From a family law perspective, it used to be the case that a husband could sue someone else for "enticing" his wife to commit adultery or to leave him. Suing someone for enticement was a claim created by the courts. The Family Law Act now expressly forbids a spouse from bringing a court proceeding for enticement, thus overriding the common law rule. Other old common law claims abolished by the Family Law Act include claims for breach of promise of marriage and loss of the benefits of marriage.
The common law and legislation
This leads to another important aspect of our legal system and the common law. The courts and the common law also play a role in interpreting laws made by the governments. Much of the case law in family law matters doesn't deal with ancient common law principles; it deals with how the courts have interpreted the legislation bearing on family law in the past. For example, section 15.2(4) of the Divorce Act says that in considering a claim for spousal support, the court must:
... take into consideration the condition, means, needs and other circumstances of each spouse, including
(a) the length of time the spouses cohabited;
(b) the functions performed by each spouse during cohabitation; and
(c) any order, agreement or arrangement relating to support of either spouse.
A lot of the case law that deals with spousal support is about how this particular section of the Divorce Act has been interpreted in past cases. A lawyer making an argument about why spousal support should be awarded to her client now might make an argument to the judge supported by case law showing how this section has been interpreted to award spousal support in the past to spouses in circumstances similar to those of her client.
Finding case law
Because the common law consists of the decisions of judges made over the past several hundred years, the common law is researched by looking at these decisions. These decisions are written down and printed in books. These books, depending on the publisher, are issued on a monthly, quarterly, or annual basis. (When you see a promotional photograph of a lawyer standing in front of a giant rack of musty, leather-bound books, the lawyer is standing in front of these collections of the case law.) These books, called reporters, are where the past decisions of the courts are available if you need to make an argument about how the law applies to your particular situation. The most important reporter for family law is called the Reports on Family Law, or the RFL for short, published by Carswell. You can find collections of case law reporters in the library of your local courthouse or at a law school in your neighbourhood. These libraries are open to the public, although they may have restricted business hours.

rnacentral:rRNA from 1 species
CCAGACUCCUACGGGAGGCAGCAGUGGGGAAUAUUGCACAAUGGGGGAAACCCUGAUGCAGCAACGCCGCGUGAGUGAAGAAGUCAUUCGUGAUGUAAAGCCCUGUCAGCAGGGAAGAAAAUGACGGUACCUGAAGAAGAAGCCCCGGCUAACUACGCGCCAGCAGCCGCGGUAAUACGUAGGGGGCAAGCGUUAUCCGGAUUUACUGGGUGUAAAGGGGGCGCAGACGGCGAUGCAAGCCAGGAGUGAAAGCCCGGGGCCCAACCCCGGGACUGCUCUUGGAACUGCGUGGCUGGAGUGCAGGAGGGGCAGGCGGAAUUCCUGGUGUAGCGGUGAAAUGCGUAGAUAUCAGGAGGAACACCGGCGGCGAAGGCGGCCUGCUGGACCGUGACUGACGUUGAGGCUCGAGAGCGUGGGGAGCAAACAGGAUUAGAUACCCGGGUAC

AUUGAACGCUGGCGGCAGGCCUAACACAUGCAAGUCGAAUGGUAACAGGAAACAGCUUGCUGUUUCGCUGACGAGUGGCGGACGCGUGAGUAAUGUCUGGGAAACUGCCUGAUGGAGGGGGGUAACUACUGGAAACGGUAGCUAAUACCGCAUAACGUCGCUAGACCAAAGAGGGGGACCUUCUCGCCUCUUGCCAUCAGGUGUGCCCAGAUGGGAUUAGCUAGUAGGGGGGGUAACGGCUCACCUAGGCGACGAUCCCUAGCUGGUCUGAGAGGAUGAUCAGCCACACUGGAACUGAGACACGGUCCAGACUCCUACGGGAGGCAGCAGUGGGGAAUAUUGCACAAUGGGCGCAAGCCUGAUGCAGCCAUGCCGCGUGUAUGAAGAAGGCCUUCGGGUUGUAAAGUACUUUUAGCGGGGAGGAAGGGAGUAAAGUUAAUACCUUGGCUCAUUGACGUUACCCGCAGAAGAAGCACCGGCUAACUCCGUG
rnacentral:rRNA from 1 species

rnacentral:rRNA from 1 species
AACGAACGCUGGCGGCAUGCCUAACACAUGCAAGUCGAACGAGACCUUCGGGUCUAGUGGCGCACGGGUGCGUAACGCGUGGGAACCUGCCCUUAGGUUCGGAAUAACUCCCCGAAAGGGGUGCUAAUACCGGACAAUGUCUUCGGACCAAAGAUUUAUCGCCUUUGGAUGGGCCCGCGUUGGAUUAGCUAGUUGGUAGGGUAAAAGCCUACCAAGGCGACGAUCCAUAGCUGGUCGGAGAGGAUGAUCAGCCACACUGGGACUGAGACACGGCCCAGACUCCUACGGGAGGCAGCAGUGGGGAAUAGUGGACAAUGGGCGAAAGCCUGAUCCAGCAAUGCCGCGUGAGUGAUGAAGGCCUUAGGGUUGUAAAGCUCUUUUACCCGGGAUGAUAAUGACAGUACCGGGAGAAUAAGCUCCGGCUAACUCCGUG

Thankfully, these days almost every important decision is published online as well. This makes research a lot easier and saves a lot of time travelling to and from libraries. CanLII, the Canadian Legal Information Institute, has a collection of most cases published since 1990 and a growing number of older cases from all parts of Canada. The Canadian Legal Research and Writing Guide is a free and comprehensive manual and step-by-step guide on how to perform legal research in Canada. It is based on the work of a well-respected legal research expert, Catherine Best.
The courts also post case law on their respective websites. Search the judgments of:
- the Provincial Court of British Columbia,
- the Supreme Court of British Columbia,
- the Court of Appeal for British Columbia, and
- the Supreme Court of Canada.
These websites also keep lists of recently released decisions that may be published there before making it to CanLII.
Another way to look up case law is to read digests of the law on particular subjects. The best materials on family law are two books published by the Continuing Legal Education Society of British Columbia: the Family Law Sourcebook for British Columbia, and the British Columbia Family Practice Manual. These books are available in some public libraries (the WorldCat website will tell you if a library near you has copies) or at a branch of Courthouse Libraries BC.
Legal research can be terribly complex, partly because there are so many different reporters and partly because there are so many cases. In fact, legal research is the subject of a whole course at law school. You can get some help from the librarians at your local courthouse law library or university law library, all of whom are really quite helpful. In fact, the law library at UBC has a research desk that can help with certain limited matters. You might also consider hiring a law student to plough through the law for you, and the law schools at UBC, the University of Victoria, and Thompson Rivers University will have job posting boards where you can put up a note about your needs and contact information.